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COA Urges Delay in Downside Risk Deadline for OCM

Jaime Rosenberg
Outlining a set of issues that need to be addressed under the Oncology Care Model (OCM), the Community Oncology Alliance (COA) is urging the Center for Medicare & Medicaid Innovation to delay the October 2019 deadline for practices to transition to 2-sided risk under the model.
The Community Oncology Alliance (COA) has sent a letter to CMS’ Center for Medicare & Medicaid Innovation (CMMI) urging a delay in the October 2019 deadline for practices participating in the Oncology Care Model (OCM) that have not yet achieved shared savings payments to make a decision on 2-sided risk.

Instead, COA is recommending a deadline of April 2020 in order to give practices a third set of reconciliation data, as well as results postimplementation of the updated risk adjusters for breast, prostate, and bladder cancer.

“Making the decision on whether to accept downside risk based on only 2 sets of reconciliation results/data after these key corrections to the methodology were made exposes practices to significant uncertainty rather than quantifiable risk,” states the letter to Adam Boehler, deputy administrator for innovation and quality and director of CMMI.

A recent report from Avalere Health estimated that approximately 70% of OCM practices would owe payments if they were to transition to 2-sided risk.

According to COA, pushing back the deadline to allow for additional results and time to decide on whether to assume downside risk will allow practices to gain key insight into their performance and incorporate risk in a more feasible pathway. It will also keep practices in the model and allow them additional flexibility necessary to evaluate the methodology changes and impact on their practice.

Results from performance period (PP) 3 revealed that just 30% of practices achieved shared savings, which was unchanged from PP2; however, the practices that achieved shared savings differed by performance period. The February 2019 reconciliation also caused practices to experience regressions in their PP2 true-up results resulting in a significant number of practices losing their shared savings.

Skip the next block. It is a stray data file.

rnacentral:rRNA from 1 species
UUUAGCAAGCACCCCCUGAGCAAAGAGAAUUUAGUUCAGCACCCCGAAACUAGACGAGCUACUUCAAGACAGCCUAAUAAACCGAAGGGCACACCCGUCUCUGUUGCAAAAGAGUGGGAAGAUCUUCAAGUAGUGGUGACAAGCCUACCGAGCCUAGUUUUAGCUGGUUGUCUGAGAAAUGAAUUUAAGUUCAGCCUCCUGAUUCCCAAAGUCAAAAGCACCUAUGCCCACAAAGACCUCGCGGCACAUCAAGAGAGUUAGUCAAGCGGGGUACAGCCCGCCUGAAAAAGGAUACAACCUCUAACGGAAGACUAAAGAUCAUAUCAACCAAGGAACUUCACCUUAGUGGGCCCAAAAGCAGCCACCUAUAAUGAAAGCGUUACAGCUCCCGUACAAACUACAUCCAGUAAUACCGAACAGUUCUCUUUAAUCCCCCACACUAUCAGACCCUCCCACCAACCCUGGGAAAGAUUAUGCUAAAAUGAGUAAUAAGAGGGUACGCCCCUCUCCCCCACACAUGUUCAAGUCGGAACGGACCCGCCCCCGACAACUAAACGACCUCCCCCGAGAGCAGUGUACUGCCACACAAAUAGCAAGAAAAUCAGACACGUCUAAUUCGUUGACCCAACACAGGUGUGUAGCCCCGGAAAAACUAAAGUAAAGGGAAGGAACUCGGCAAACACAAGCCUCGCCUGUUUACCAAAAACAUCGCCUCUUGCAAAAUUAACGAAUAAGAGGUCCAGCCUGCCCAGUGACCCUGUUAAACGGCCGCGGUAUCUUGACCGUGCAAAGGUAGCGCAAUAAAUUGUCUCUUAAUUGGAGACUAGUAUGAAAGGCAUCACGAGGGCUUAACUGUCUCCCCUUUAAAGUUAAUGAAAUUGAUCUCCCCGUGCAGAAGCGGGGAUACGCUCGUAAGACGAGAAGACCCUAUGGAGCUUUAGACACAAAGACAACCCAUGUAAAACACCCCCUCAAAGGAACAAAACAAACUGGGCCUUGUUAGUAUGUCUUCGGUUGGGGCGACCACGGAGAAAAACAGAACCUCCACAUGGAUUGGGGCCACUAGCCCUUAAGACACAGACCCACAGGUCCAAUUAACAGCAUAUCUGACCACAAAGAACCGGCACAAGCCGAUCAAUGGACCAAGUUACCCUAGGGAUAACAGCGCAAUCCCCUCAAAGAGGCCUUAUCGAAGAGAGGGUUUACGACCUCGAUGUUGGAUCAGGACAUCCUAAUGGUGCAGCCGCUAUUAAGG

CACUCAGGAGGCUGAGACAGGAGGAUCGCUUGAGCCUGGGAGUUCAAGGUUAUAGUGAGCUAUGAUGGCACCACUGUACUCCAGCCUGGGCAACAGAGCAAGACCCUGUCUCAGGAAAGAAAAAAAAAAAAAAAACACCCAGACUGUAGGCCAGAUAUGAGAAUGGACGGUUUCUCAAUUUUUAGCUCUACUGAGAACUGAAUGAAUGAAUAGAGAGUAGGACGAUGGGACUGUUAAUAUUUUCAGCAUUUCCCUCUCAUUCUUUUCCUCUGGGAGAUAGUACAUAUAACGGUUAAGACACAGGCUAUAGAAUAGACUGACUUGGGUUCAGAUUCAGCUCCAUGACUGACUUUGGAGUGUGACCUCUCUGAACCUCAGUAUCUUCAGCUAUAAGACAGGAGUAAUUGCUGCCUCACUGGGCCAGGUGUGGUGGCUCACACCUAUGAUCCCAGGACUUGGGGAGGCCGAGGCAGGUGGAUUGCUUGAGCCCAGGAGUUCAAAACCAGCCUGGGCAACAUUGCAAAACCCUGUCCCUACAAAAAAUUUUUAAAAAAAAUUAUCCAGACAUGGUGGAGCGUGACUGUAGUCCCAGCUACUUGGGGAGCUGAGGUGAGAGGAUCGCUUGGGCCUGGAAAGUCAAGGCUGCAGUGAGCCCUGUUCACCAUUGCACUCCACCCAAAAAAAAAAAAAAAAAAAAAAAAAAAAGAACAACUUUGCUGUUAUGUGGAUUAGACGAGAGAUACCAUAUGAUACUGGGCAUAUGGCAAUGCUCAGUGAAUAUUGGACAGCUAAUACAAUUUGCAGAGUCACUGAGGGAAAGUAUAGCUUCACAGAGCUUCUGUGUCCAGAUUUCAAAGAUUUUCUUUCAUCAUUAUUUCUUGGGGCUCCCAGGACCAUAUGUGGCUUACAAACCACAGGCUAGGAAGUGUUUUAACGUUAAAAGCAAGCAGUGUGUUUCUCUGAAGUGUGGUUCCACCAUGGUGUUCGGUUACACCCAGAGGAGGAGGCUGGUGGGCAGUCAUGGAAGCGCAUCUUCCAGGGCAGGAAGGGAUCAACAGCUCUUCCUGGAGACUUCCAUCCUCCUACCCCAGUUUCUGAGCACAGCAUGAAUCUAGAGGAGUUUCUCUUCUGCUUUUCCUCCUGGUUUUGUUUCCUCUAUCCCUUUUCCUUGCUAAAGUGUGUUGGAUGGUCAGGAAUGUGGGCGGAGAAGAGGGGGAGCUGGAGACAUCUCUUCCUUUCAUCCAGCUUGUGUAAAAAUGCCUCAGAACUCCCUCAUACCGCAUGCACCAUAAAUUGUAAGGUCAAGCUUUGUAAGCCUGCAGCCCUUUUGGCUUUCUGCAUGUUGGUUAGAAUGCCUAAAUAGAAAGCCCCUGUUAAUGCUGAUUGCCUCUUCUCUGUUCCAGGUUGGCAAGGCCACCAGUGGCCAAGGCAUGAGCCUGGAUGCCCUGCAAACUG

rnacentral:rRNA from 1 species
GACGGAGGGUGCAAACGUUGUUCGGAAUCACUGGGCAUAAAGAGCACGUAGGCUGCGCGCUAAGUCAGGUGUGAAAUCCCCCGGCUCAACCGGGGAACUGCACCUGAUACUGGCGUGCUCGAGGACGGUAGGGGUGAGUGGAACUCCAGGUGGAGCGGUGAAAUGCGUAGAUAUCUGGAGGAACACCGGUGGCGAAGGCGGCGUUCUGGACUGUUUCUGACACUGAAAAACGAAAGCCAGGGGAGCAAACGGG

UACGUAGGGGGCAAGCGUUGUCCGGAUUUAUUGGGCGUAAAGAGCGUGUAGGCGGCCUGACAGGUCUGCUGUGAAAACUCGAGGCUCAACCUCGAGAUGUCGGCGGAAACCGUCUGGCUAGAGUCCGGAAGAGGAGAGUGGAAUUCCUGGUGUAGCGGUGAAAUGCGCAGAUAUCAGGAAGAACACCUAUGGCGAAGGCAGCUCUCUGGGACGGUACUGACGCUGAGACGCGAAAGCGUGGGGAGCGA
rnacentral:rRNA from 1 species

The majority of practices are unable to determine why they’re doing well or why they’re not doing well when they get their results, explained Bo Gamble, director of strategic practice initiatives at COA, in an interview with The American Journal of Managed Care®, highlighting the need for clarity within performance reports. The complexity of the reports only adds to the frustration of the year-long lag in PP results, said Gamble.

“You can’t change behavior that’s a year old, and therefore, you’re always chasing yourself trying to figure out how to improve,” he said. “That’s what’s frustrating for people. They want to improve, but they want to know, ‘what did I do last month that I can address this month?’”

A solution to this, according to Gamble, could come from tentative information offered to practices on a monthly basis rather quarterly. Practices should also be able to access a practice model where they can plug in their own data and determine how they’re going to do in order to help them understand how their decisions today can impact their model in the future, he said.

In addition to addressing the lag time, there are 3 other areas that COA urged CMMI to address: price prediction, risk adjustment, and attribution and monthly enhanced oncology services payment recoupment.

“Applying price adjustments at the level of the practice, rather than the episode, leads to underpricing for practices that deviate from average national distributions; eg, of population-level characteristics of cancer types,” states the letter.

Other recommendations put forward by COA to address these challenges include:
  • Adjustments for emergent therapies should occur at the episode level, based on which drugs are actually prescribed to the patient, using staging data to determine whether the episode is eligible or ineligible.
  • CMMI should improve pricing for outlier patients so that practices are not penalized, or significantly over-targeted, due to few outlier episodes.
  • Adding surgeries related to all cancer types to the surgery list so that if patients have surgery for any type of cancer, they will have an increased target price reflecting the increased complexity of their cancer episode.
  • Practices should be notified as quickly as possible after an episode is triggered so that patients can be monitored and their care can be managed.
If practices do decide to take on 2-sided risk, there’s also the question of what happens when the 5-year demonstration project ends, explained Gamble, who added that CMMI has not given an indication of what’s to come once the project come to a close. When assuming risk under the OCM, practices are exempt from the Merit-based Incentive Payment System (MIPS). If OCM does not continue after the 5 years, practices are suddenly thrust into MIPS—a completely different program.

 
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